The Indian Museum its old self with a change in visible firearms

Nothing to remind visitors of the August 6 incident when a CISF jawan shot dead a colleague and injured another

Debraj Mitra, Monalisa Chaudhuri Kolkata Published 22.08.22, 06:02 AM
A CISF jawan at the main gate of the Indian Museum on Sunday.

A CISF jawan at the main gate of the Indian Museum on Sunday. Pictures by Gautam Bose

The Indian Museum looked its usual busy self on Sunday, a fortnight after a CISF jawan shot dead a colleague and injured another inside the Jawaharlal Nehru Road compound near Park Street.

When The Telegraph visited the museum on Sunday afternoon, there was nothing that could remind one of the August 6 shooting. There was one visible difference, though — arms were not visible on the CISF jawans at the main entrance to the museum on Jawaharlal Nehru Road.


But the jawans elsewhere on the premises were on duty with their pistols and rifles visible. Earlier, visitors could see arms on the CISF personnel at the main entrance, too.

The museum authorities had in the wake of the shooting “verbally suggested” to the CISF that jawans posted in the areas accessed by visitors be without firearms. The suggestion followed what officials said was a “feeling of insecurity” among museum staff after the firing.

Arijit Dutta Choudhury, director of the museum, said he was not aware of any change in the arms policy of the CISF contingent at the museum. “We had only made a verbal suggestion. The senior authorities of the CISF are best placed to take the final call,” he said.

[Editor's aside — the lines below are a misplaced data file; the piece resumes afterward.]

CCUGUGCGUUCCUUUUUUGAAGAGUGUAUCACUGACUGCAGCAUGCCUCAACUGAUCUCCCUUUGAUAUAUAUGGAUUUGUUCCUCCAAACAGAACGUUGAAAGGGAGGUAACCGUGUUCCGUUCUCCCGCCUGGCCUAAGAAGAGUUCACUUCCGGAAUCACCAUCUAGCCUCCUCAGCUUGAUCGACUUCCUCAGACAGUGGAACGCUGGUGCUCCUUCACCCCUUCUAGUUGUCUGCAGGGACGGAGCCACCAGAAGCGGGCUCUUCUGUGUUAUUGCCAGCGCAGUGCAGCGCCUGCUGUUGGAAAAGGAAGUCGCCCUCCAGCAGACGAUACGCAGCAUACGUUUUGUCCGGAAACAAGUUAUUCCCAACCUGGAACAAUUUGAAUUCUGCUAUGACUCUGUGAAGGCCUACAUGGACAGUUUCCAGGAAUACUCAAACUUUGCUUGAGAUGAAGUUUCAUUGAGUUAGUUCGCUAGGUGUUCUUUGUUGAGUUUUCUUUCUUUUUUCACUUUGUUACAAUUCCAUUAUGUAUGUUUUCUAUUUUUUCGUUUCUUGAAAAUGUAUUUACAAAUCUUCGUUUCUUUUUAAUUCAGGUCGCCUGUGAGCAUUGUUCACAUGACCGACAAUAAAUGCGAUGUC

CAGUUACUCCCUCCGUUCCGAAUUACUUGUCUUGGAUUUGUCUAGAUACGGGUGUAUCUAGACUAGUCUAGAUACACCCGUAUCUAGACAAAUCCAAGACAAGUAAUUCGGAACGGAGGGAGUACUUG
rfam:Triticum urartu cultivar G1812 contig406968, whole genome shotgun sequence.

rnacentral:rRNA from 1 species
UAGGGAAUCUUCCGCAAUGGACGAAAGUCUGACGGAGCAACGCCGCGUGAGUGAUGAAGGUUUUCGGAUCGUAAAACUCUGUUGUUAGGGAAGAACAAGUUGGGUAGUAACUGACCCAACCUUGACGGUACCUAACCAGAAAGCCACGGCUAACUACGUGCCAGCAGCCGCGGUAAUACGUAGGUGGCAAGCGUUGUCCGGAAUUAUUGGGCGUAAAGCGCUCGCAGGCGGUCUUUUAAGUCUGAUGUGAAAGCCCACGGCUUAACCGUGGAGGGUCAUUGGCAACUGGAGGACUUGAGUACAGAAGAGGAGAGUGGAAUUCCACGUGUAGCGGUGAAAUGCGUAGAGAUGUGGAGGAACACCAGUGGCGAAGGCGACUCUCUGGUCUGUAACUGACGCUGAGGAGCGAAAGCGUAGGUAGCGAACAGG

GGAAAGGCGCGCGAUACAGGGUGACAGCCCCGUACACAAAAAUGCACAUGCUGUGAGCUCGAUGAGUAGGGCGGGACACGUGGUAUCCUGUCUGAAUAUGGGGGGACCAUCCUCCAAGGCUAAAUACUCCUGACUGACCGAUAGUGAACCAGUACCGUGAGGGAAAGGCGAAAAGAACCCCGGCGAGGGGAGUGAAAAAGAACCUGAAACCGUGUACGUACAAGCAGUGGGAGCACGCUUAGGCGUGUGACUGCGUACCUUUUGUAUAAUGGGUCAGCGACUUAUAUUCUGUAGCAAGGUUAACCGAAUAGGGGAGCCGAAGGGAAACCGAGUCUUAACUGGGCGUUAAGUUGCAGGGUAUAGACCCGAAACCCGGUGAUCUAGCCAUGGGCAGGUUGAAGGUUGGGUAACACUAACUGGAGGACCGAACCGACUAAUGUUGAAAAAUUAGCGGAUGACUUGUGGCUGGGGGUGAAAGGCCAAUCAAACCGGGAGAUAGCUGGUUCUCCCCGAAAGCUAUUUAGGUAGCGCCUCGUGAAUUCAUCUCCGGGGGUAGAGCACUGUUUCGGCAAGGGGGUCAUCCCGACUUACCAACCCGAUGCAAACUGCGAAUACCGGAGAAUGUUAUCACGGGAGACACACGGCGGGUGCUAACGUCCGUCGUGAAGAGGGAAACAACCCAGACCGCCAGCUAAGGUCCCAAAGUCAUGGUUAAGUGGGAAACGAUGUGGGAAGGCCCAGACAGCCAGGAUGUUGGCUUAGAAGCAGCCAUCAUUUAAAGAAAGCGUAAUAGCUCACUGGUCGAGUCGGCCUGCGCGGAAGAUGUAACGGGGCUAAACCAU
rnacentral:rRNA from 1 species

A senior CISF officer said he was not aware of any “revision in the gun policy” of the contingent at the Indian Museum. “A jawan might look unarmed but he might still be carrying a gun. A visitor is not supposed to know where the gun is. We are doing what we need to do,” he said.

CISF head constable Akshay Kumar Mishra had on August 6 evening allegedly gunned down a colleague and injured another in the museum compound. He was remanded in judicial custody till September 3 on Sunday. Mishra had been in police remand since August 6.

The public prosecutor said the police’s prayer for a 14-day judicial remand was accepted. At the same time, the court also accepted the prayer for carrying out the test identification parade of the accused in judicial custody.

Visitors inside the Indian Museum on Sunday

Visitors inside the Indian Museum on Sunday

Around 1.30 pm on Sunday, the ticket counter of the museum had a small queue.

The jawan at the gate did not have a gun. Two jawans were stationed at the metal detector at the entrance. One was sitting with a walkie-talkie and another was frisking visitors. Neither had a gun.

However, a few metres ahead, a CISF man who walked past the archaeology gallery on the ground floor had a pistol in a holster.

The road leading to the Asutosh Centenary Hall and the CISF barracks, the spot of the shooting, has been out of bounds for visitors since the August 6 firing.

On August 7, when The Telegraph visited the museum, each person was stopped at the gate before the canteen, which falls on the way towards the barracks. “Please have your meal and come back. Don’t go beyond the canteen,” a jawan at the gate was telling each visitor headed to the eatery.

On Sunday, a CISF man at a metal detector at the gate leading to the Asutosh Centenary Hall had a rifle. But a strict vigil was missing.

The galleries were crowded. Around 2.30 pm, the zoological gallery for mammals was one of the busiest. A bunch of visitors posed in front of a gigantic lower jaw of a blue whale.

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